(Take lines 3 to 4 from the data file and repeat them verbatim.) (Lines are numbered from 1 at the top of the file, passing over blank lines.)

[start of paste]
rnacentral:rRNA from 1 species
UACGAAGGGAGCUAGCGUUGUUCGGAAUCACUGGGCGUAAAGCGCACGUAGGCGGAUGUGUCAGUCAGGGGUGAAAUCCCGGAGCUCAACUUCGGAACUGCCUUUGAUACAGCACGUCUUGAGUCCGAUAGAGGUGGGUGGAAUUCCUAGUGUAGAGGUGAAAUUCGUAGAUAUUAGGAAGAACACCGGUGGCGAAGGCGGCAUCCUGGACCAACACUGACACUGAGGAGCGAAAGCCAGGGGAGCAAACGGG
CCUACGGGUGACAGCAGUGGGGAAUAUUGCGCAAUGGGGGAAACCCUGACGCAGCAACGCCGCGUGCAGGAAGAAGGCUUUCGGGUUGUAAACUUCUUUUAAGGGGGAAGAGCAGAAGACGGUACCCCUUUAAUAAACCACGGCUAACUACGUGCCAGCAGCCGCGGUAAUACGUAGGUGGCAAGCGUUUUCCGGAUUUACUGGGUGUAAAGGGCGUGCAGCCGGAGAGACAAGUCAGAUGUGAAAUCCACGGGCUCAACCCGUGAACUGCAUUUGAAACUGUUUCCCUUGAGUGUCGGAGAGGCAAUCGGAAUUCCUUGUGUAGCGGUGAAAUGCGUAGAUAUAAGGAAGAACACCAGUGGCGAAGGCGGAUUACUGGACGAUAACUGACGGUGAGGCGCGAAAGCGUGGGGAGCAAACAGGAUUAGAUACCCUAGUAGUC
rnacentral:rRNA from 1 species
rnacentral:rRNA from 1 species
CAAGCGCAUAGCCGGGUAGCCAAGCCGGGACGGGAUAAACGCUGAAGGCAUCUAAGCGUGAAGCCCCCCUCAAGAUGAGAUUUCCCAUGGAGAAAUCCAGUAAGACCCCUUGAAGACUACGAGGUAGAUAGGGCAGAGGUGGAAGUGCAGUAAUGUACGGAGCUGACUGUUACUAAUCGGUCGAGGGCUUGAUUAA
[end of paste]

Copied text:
CCUACGGGUGACAGCAGUGGGGAAUAUUGCGCAAUGGGGGAAACCCUGACGCAGCAACGCCGCGUGCAGGAAGAAGGCUUUCGGGUUGUAAACUUCUUUUAAGGGGGAAGAGCAGAAGACGGUACCCCUUUAAUAAACCACGGCUAACUACGUGCCAGCAGCCGCGGUAAUACGUAGGUGGCAAGCGUUUUCCGGAUUUACUGGGUGUAAAGGGCGUGCAGCCGGAGAGACAAGUCAGAUGUGAAAUCCACGGGCUCAACCCGUGAACUGCAUUUGAAACUGUUUCCCUUGAGUGUCGGAGAGGCAAUCGGAAUUCCUUGUGUAGCGGUGAAAUGCGUAGAUAUAAGGAAGAACACCAGUGGCGAAGGCGGAUUACUGGACGAUAACUGACGGUGAGGCGCGAAAGCGUGGGGAGCAAACAGGAUUAGAUACCCUAGUAGUC
rnacentral:rRNA from 1 species